Last time out, I talked about the benefits of Scala, and why I’m looking at Scala and Lift.

In that spirit, I spent some time last weekend converting Peter Norvig’s simple Python spell-checker to Scala. I didn’t do this conversion alone; I got some great answers from Daniel Sobral, Daniel Spiewak and finally David Winslow on Stack Overflow. David provided the answer I needed for the best way to implement the matching function in Scala 2.7.

Here’s Peter Norvig’s 21 lines (not counting blank lines) of Python 2.5 code, for comparison.

``````import re, collections

def words(text): return re.findall('[a-z]+', text.lower())

def train(features):
model = collections.defaultdict(lambda: 1)
for f in features:
model[f] += 1
return model

alphabet = 'abcdefghijklmnopqrstuvwxyz'

def edits1(word):
s = [(word[:i], word[i:]) for i in range(len(word) + 1)]
deletes    = [a + b[1:] for a, b in s if b]
transposes = [a + b + b + b[2:] for a, b in s if len(b)>1]
replaces   = [a + c + b[1:] for a, b in s for c in alphabet if b]
inserts    = [a + c + b     for a, b in s for c in alphabet]
return set(deletes + transposes + replaces + inserts)

def known_edits2(word):
return set(e2 for e1 in edits1(word) for e2 in edits1(e1) if e2 in NWORDS)

def known(words): return set(w for w in words if w in NWORDS)

def correct(word):
candidates = known([word]) or known(edits1(word)) or known_edits2(word) or [word]
return max(candidates, key=NWORDS.get)
``````

And now, the Scala 2.7 version that I came up with. It’s 24 non-whitespace lines, although the average line is longer than the Python version.

``````import scala.io.Source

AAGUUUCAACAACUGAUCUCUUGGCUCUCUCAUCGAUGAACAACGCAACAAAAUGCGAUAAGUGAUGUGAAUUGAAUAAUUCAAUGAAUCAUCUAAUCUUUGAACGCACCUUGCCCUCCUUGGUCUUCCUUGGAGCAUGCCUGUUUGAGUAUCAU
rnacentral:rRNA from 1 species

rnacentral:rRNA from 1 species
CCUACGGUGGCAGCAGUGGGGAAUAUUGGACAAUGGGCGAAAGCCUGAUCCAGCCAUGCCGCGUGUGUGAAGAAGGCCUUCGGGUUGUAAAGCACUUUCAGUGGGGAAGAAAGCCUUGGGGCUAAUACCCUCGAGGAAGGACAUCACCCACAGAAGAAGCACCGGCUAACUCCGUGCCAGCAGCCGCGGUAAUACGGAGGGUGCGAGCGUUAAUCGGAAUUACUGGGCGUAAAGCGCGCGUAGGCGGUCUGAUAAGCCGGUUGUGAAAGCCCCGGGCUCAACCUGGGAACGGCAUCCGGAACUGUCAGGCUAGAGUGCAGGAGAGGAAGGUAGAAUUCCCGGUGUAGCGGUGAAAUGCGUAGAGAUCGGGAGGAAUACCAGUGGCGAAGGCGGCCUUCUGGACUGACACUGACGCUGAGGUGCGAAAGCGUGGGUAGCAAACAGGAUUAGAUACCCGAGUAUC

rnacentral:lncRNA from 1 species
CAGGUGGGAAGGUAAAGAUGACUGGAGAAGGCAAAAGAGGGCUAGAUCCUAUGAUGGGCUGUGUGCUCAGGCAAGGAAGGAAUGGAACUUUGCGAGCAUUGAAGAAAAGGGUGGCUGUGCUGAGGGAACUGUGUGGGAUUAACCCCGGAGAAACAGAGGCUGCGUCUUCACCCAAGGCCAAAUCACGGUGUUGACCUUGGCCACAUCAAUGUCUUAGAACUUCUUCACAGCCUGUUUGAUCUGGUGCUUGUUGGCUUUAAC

val alphabet = "abcdefghijklmnopqrstuvwxyz"

def train(text:String) = {
"[a-z]+".r.findAllIn(text).foldLeft(Map[String, Int]() withDefaultValue 1)
{(a, b) => a(b) = a(b) + 1}
}

val NWORDS = train(Source.fromFile("big.txt").getLines.mkString.toLowerCase)

def known(words:Set[String]) = {Set.empty ++ (for(w <- words if NWORDS contains w) yield w)}

def edits1(word:String) = {
Set.empty ++ // The next four are deletes, transposes, replaces and inserts, respectively.
(for (i <- 0 until word.length) yield (word take i) + (word drop (i + 1))) ++
(for (i <- 0 until word.length - 1) yield (word take i) + word(i + 1) + word(i) + (word drop (i + 2))) ++
(for (i <- 0 until word.length; j <- alphabet) yield (word take i) + j + (word drop (i+1))) ++
(for (i <- 0 until word.length; j <- alphabet) yield (word take i) + j + (word drop i))
}

def known_edits2(word:String) = {Set.empty ++ (for
(e1 <- edits1(word); e2 <- edits1(e1) if NWORDS contains e2) yield e2)}

def correct(word: String) = {
val sets = List[String => Set[String]](
x => known(Set(x)), x => known(edits1(x)), known_edits2
).elements.map(_(word))

sets find { !_.isEmpty } match {
case Some(candidates) => candidates.reduceLeft { (res, n) => if (NWORDS(res) > NWORDS(n)) res else n }
case None => word
}
}
``````

Still, it’s a pretty terse bit of code, and it works much like the Python version. Tune in a bit later for an explanation of some of the constructs at work here, and an even nicer Scala 2.8 version of the code.